Welcome, Friend!

It looks like you're new here. If you want to get involved, click one of these buttons!

Veritas-Health LLC has recently released patient forums to our Arthritis-Health web site.

Please visit http://www.arthritis-health.com/forum

There are several patient story videos on Spine-Health that talk about Arthritis. Search on Patient stories
Protect anonymity
We strongly suggest that members do not include their email addresses. Once that is published , your email address is available to anyone on the internet , including hackers.

All discussions and comments that contain an external URL will be automatically moved to the spam queue. No external URL pointing to a medical web site is permitted. Forum rules also indicate that you need prior moderator approval. If you are going to post an external URL, contact one of the moderators to get their approval.
Attention New Members
Your initial discussion or comment automatically is sent to a moderator's approval queue before it can be published.
There are no medical professionals on this forum side of the site. Therefore, no one is capable or permitted to provide any type of medical advice.
This includes any analysis, interpretation, or advice based on any diagnostic test

my daughter

AnonymousUserAAnonymousUser Posts: 49,671
edited 06/11/2012 - 8:37 AM in Scoliosis
My 16yr. old daughter was diagnosed with scoliosis several months ago. She was having chest pain so xrays were done and we wee told her ticker is good however she has a t11 44 degree curve. I have taken her to 2 specialists and both have said do nothing. She also has something wrong with her hips. I wonder if the hips displacia has anything to do with her scoliosis.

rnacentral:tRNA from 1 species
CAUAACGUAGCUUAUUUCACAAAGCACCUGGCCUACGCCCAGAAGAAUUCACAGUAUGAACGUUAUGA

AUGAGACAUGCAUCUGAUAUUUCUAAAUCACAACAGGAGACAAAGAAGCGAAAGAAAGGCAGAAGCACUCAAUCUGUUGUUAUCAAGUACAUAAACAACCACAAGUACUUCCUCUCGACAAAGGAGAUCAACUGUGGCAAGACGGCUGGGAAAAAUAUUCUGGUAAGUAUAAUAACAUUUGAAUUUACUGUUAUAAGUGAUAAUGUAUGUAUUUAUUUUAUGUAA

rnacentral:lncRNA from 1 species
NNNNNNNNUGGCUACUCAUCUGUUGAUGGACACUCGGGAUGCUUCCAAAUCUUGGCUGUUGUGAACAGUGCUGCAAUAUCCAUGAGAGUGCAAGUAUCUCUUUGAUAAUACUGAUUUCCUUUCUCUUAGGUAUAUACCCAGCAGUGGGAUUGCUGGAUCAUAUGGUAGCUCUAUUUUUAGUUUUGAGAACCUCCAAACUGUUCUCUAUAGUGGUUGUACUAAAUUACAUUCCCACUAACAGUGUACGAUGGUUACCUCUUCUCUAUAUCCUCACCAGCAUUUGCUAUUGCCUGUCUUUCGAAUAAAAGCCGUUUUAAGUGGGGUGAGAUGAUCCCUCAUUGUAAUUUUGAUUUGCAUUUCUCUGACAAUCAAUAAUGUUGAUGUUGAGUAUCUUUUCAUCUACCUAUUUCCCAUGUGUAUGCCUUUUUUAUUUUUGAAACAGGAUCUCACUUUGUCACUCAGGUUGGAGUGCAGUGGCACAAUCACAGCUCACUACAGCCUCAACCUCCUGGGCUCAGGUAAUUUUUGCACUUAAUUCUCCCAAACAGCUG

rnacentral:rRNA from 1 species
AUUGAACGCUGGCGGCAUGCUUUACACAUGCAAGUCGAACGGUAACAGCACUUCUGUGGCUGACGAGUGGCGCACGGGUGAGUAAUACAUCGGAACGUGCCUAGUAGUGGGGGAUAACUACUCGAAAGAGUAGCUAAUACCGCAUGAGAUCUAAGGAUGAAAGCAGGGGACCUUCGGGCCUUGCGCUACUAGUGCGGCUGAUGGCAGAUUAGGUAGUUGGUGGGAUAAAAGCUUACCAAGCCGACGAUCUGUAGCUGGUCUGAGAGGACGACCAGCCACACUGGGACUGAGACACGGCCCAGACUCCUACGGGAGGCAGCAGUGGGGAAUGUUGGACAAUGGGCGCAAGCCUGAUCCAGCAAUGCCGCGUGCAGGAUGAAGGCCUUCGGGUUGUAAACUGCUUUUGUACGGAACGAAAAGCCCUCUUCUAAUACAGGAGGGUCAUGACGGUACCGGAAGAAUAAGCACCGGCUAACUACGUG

• hi and welcome to the forum! :H we are here to offer you support and answer what questions we can. only a doctor can answer that for you.. talk to one if you are concerned. :-C good luck! Jenny :)
  • Rocky, at 44 degrees, her curve is borderline for surgery. What you need to ask is the likelihood of her curve progressing, which I suspect is probably fairly high. If she has no pain, there is no urgency however, the younger the patient, the smoother the ride through this kind of surgery, the better the correction and the quicker she'll be back to a normal life.

    I don't know if the hip problem is connected to the scoliosis.

    If you've seen two specialists and they both agree she's not yet a candidate for surgery, then it's probably because either they don't think it will progress or, the curve is still quite small combined with a lack of pain and there is plenty of time.

    Were both the specialists, specialists in scoliosis surgery?

    Just don't let her ignore it for the rest of her life, like I did. Getting her curve measured to keep an eye on its progress, is what's needed, at least every couple of years.

    You will probably have lots of other questions, please fire away. I am no expert, but have plenty of experience. ;)
This discussion has been closed.
Sign In or Register to comment.